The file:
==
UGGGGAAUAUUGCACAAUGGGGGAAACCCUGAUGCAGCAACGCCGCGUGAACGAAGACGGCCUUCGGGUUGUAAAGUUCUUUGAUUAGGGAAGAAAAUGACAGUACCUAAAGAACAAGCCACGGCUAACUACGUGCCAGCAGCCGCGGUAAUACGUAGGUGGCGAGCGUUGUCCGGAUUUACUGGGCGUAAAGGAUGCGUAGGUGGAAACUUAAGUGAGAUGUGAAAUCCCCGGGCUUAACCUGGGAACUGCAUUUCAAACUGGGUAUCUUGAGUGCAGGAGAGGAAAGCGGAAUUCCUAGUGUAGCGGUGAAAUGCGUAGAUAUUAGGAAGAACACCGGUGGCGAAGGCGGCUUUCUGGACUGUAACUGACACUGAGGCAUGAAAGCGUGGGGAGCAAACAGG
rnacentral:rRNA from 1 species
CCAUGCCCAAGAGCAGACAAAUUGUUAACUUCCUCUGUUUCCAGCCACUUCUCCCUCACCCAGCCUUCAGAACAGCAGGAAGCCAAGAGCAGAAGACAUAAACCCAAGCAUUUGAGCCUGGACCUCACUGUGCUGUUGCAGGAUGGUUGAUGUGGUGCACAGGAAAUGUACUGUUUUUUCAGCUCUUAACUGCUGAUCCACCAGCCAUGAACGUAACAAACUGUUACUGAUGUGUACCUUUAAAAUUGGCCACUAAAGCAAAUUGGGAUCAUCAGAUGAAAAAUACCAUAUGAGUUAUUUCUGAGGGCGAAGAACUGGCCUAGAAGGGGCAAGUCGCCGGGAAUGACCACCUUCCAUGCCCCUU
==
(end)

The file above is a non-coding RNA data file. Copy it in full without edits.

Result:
UGGGGAAUAUUGCACAAUGGGGGAAACCCUGAUGCAGCAACGCCGCGUGAACGAAGACGGCCUUCGGGUUGUAAAGUUCUUUGAUUAGGGAAGAAAAUGACAGUACCUAAAGAACAAGCCACGGCUAACUACGUGCCAGCAGCCGCGGUAAUACGUAGGUGGCGAGCGUUGUCCGGAUUUACUGGGCGUAAAGGAUGCGUAGGUGGAAACUUAAGUGAGAUGUGAAAUCCCCGGGCUUAACCUGGGAACUGCAUUUCAAACUGGGUAUCUUGAGUGCAGGAGAGGAAAGCGGAAUUCCUAGUGUAGCGGUGAAAUGCGUAGAUAUUAGGAAGAACACCGGUGGCGAAGGCGGCUUUCUGGACUGUAACUGACACUGAGGCAUGAAAGCGUGGGGAGCAAACAGG
rnacentral:rRNA from 1 species
CCAUGCCCAAGAGCAGACAAAUUGUUAACUUCCUCUGUUUCCAGCCACUUCUCCCUCACCCAGCCUUCAGAACAGCAGGAAGCCAAGAGCAGAAGACAUAAACCCAAGCAUUUGAGCCUGGACCUCACUGUGCUGUUGCAGGAUGGUUGAUGUGGUGCACAGGAAAUGUACUGUUUUUUCAGCUCUUAACUGCUGAUCCACCAGCCAUGAACGUAACAAACUGUUACUGAUGUGUACCUUUAAAAUUGGCCACUAAAGCAAAUUGGGAUCAUCAGAUGAAAAAUACCAUAUGAGUUAUUUCUGAGGGCGAAGAACUGGCCUAGAAGGGGCAAGUCGCCGGGAAUGACCACCUUCCAUGCCCCUU